On Friday 13 October, the annual Belgian Big Brother Awards – a negative prize for the worst privacy abuser of the year – took place in Brussels. The jury awarded the European trend of state hacking, European Digital Right’s (EDRi) nomination, the title of the ultimate privacy villain. The public voted Automatic number-plate recognition (ANPR) cameras as their “favourite”.
State hacking has rapidly become a very powerful tool for intelligence services in recent years. Europe’s governments have been expanding the possibilities of states spying on their own citizens and pushed the fashion of “insecurity by design”. In 2017, the Belgian government followed this trend and adopted legislation that gives law enforcement authorities permission to access computers and other devices remotely. It adopted a text modifying the law on “security and intelligence services” granting the authorities new broad surveillance powers. To put it simply, it legalised the most intrusive form of government hacking.
“Government hacking affects people’s privacy rights and freedom of expression in new and deeply invasive ways – it also means an undermining of the security of the internet. Governments engaged in such activities have systematically failed to implement minimum safeguards for human rights”, said Kirsten Fiedler, Managing Director of EDRi.
“The WannaCry attack has highlighted that there are serious repercussions when known vulnerabilities are not immediately reported and fixed. Current practices of the intelligence services are damaging not only for the security of European citizens, but also for businesses, public administrations and critical infrastructures – like hospitals, schools and public transport”, she added.
What is state or government hacking?
Hacking means the manipulation of software, data, computer systems, networks, or other electronic devices without the permission of the person or organisation responsible. For instance, malicious software developed by a government, often relying on software flaws that are not publicly known. This means that the software flaws remain open and available for criminals to exploit. Governments hack devices with the aim to monitor computer activities and get access to sensitive data.
In 2014, it was revealed that the British intelligence service, the Government Communications Headquarters (GCHQ), had hacking capacities to activate a device’s microphone or webcam, to identify the location of a device, to collect login details and passwords for websites and record internet browsing histories on a device. The German intelligence service developed similar software, which was discovered in 2011 by EDRi-member Chaos Computer Club (CCC). Now, in March 2017, the Belgian government has given its services the power to remotely access its citizens’ devices and install malware (see Art. 38, Law modifying the law from 30 November 1998 governing the intelligence and security services).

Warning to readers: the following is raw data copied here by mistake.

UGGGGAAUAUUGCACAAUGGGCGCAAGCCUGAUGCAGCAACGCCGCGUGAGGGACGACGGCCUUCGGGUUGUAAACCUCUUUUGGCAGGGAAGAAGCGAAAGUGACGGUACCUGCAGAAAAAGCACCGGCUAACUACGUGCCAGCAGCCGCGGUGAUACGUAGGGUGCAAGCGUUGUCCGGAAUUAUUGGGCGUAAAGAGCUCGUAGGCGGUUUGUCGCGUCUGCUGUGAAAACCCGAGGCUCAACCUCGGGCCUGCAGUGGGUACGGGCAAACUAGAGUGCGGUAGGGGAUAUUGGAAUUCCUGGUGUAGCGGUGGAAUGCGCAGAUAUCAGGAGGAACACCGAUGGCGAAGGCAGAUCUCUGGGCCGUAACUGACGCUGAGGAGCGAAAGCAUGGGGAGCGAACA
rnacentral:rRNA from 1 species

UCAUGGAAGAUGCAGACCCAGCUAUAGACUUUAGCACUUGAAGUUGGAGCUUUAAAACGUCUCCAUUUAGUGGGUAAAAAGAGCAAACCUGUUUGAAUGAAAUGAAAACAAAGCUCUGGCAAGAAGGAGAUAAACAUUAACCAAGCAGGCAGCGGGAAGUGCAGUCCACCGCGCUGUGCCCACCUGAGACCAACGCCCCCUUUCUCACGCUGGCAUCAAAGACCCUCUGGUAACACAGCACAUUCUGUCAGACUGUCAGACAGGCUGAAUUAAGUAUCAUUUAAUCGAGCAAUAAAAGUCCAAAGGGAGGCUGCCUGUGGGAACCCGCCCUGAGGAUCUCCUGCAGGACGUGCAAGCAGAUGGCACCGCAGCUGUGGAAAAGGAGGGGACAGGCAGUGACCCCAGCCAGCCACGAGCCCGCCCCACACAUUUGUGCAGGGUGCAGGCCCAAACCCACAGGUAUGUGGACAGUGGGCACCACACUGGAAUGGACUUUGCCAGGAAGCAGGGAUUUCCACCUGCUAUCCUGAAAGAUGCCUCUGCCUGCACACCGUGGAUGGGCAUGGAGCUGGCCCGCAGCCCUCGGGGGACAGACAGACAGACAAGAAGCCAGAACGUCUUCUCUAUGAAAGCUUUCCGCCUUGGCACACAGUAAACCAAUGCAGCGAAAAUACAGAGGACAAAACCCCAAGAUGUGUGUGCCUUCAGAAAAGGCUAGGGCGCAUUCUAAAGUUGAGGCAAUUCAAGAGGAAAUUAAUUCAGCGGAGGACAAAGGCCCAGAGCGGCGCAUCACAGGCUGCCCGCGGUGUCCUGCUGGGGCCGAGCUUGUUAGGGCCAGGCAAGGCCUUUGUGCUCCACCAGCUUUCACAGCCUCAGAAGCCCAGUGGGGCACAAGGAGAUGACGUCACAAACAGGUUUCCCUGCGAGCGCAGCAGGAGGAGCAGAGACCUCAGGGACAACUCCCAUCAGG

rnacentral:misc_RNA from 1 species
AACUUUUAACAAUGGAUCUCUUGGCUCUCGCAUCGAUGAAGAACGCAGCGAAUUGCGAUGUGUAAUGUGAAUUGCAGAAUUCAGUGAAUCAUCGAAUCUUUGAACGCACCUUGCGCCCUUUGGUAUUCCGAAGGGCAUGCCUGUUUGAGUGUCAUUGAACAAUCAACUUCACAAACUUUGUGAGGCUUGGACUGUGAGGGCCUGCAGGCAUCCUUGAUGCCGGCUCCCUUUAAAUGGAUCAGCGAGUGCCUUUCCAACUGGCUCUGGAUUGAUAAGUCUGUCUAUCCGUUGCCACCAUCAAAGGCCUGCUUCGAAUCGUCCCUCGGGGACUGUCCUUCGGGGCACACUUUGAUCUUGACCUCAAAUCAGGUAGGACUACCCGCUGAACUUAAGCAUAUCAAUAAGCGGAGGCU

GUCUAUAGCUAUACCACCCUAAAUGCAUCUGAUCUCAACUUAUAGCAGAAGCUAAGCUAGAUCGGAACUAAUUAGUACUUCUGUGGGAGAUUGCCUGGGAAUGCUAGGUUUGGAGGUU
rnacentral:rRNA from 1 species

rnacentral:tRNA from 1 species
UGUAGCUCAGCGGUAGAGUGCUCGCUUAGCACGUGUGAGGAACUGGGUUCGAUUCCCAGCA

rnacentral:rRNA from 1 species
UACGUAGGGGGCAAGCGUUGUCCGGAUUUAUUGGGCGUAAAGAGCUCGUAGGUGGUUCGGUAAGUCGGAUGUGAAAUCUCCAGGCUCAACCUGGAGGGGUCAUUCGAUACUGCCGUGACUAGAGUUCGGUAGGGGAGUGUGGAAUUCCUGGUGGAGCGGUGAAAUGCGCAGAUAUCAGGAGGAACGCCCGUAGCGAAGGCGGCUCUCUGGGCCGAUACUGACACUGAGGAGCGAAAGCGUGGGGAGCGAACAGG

Why is government hacking a problem?
Giving intelligence services such powers makes it difficult for individuals to protect their personal data and companies to protect their trade secrets from these kinds of attacks. Moreover, it allows foreign intelligence services to more effortlessly spy on state secrets, and it opens pandora’s box for third parties to access and control critical infrastructures – this could for example plunge hospitals into chaos. It gives governments an incentive not to report software vulnerabilities that it is aware of, facilitating crime in the name of fighting crime.
EDRi’s paper “Encryption Workarounds – A digital rights perspective” (pages 9-11) includes proposals for safeguards that need to be met to provide adequate protection of fundamental rights in cases of government hacking.
The Big Brother Awards are based on a concept created by EDRi member Privacy International. The goal is to draw attention to violations of privacy. The Belgian Big Brother Awards is organised by EDRi member Liga Voor Mensenrechten in collaboration with PROGRESS Lawyers Network (PLN), Datapanik.org, La Ligue des droits de l’Homme (LDH) and European Digital Rights (EDRi).
Belgian Big Brother Awards 2017
Encryption Workarounds – A digital rights perspective
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